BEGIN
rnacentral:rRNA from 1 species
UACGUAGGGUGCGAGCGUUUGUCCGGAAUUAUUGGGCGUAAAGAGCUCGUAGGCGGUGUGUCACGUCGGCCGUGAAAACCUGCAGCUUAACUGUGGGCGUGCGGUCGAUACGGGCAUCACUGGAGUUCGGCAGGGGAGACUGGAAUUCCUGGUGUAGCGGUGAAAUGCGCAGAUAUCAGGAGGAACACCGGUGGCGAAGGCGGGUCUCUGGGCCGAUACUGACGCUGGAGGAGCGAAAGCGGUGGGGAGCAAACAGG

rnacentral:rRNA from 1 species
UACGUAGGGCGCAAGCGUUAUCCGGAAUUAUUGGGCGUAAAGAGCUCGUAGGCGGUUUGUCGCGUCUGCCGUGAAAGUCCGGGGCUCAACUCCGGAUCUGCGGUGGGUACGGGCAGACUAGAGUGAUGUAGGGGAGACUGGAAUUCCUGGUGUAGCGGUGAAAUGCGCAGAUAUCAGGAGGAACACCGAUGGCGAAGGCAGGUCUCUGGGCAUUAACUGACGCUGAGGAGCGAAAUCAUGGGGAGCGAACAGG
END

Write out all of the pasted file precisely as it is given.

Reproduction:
rnacentral:rRNA from 1 species
UACGUAGGGUGCGAGCGUUUGUCCGGAAUUAUUGGGCGUAAAGAGCUCGUAGGCGGUGUGUCACGUCGGCCGUGAAAACCUGCAGCUUAACUGUGGGCGUGCGGUCGAUACGGGCAUCACUGGAGUUCGGCAGGGGAGACUGGAAUUCCUGGUGUAGCGGUGAAAUGCGCAGAUAUCAGGAGGAACACCGGUGGCGAAGGCGGGUCUCUGGGCCGAUACUGACGCUGGAGGAGCGAAAGCGGUGGGGAGCAAACAGG

rnacentral:rRNA from 1 species
UACGUAGGGCGCAAGCGUUAUCCGGAAUUAUUGGGCGUAAAGAGCUCGUAGGCGGUUUGUCGCGUCUGCCGUGAAAGUCCGGGGCUCAACUCCGGAUCUGCGGUGGGUACGGGCAGACUAGAGUGAUGUAGGGGAGACUGGAAUUCCUGGUGUAGCGGUGAAAUGCGCAGAUAUCAGGAGGAACACCGAUGGCGAAGGCAGGUCUCUGGGCAUUAACUGACGCUGAGGAGCGAAAUCAUGGGGAGCGAACAGG